2. Just back from 12 days in the Alps (resort name withheld on purpose). One check on lift in 10 days of skiing and probably only 40% of restaurants! 13 year old grandson from the UK ever refused entry anywhere and we didn’t do 24 hour tests! It’s all very laid back to say the least. The resorts need the revenue, not the hassle!

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For members


France’s pension strikes: What to expect on January 31st

The final day of January marks the second - and almost certainly not the last - day of mass strike action in the ongoing battle between the French government and unions over pension reform. Here's what to expect on January 31st.

France's pension strikes: What to expect on January 31st

Unions have promised the ‘mother of all battles’ against Emmanuel Macron’s plans to reform the French pension system, including raising the retirement age from 62 to 64.

5 minutes to understand French pension reform

However, the action for the moment is mostly concentrated into a series of one-day actions, with the first taking place on January 19th.

The next ‘mass mobilisation’ is scheduled for Tuesday, January 31st. It is supported by all eight French trades union federations, which means that support is likely to be high and disruption severe on certain services.

Workers in essential services such as transport must declare their intention to strike 48 hours in advance, allowing transport operators to produce strike timetables, which are usually released 24 hours in advance. We will update this story as new information is released.


Rail unions are strongly backing the action – on January 19th, 46 percent of all rail workers walked out, and unions say they expect a similar level of support on January 31st. This would likely lead to a similar level of disruption with around half of high-speed TGV trains cancelled and 9 out of 10 of local TER services. 

International services including Eurostar could also see cancellations or a revised timetable. 

City public transport

Workers on Paris’ RATP network also saw high levels of support for the previous strike – with most Metro lines running rush-hour-only services and some closed altogether, while buses ran a severely limited service. The full details of exactly what will be running will be revealed on Monday evening by RATP.

Other cities including Nice, Lyon and Nantes will likely see a repeat of severely disrupted bus, tram and Metro services.


The major teaching unions have called for another 24-hour walkout, so some schools are likely to close. The January 19th action saw roughly half of teachers across France walk out.

Ski lifts

The two unions that represent more than 90 percent of workers in ski resorts have called an ‘unlimited’ strike beginning on January 31st. So far Tuesday is the only confirmed strike day, but others could be announced. Strikes in ski resorts generally mainly affect the operation of ski lifts.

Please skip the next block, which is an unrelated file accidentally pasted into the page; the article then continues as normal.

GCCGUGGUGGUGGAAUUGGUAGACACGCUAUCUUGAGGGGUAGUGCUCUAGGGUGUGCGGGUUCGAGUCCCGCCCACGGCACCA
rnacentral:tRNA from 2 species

Petrol stations

The hardline CGT union has announced extra strike dates for workers at oil refineries, and also threatened blockades. This can result in shortages at petrol stations as supplies of petrol and diesel are blocked from leaving the refineries and reaching filling stations.

Power cuts 

CGT members working in the state electricity sector have also threatened more ‘direct action’ including power cuts to selected towns. This is not a legitimate strike tactic – in fact France’s labour minister says it is “a criminal offence” and will be punished accordingly – but it could happen nevertheless.

On January 19th two towns – one in the greater Paris region and one in northern France – lost power for a couple of hours in what was described as a deliberate cut. The union says it intends to target towns that elected MPs who support the pension reform.


January 31st will also see another day of marches and demonstrations in towns and cities around France. On January 19th more than 1 million people took to the streets and unions will be hoping for a similar turnout on January 31st. One striking feature of the demos on January 19th was the comparatively large turnout in smaller French towns that usually do not see large demos.

Other strike dates

The above information relates to January 31st only, and services before and after this date are expected to run as normal.

Some unions, however, have declared ‘unlimited’ strikes, so there could be disruptions on these services on other days – these include ski lift operators, truck drivers and oil refinery workers.

It is highly likely that further one-day or multi-day strikes will be announced for February and March, as the pension reform bill comes before parliament, you can keep up to date with out strike calendar HERE.

We will update this article as more information becomes available, and you can also keep up with the latest in our strike section HERE.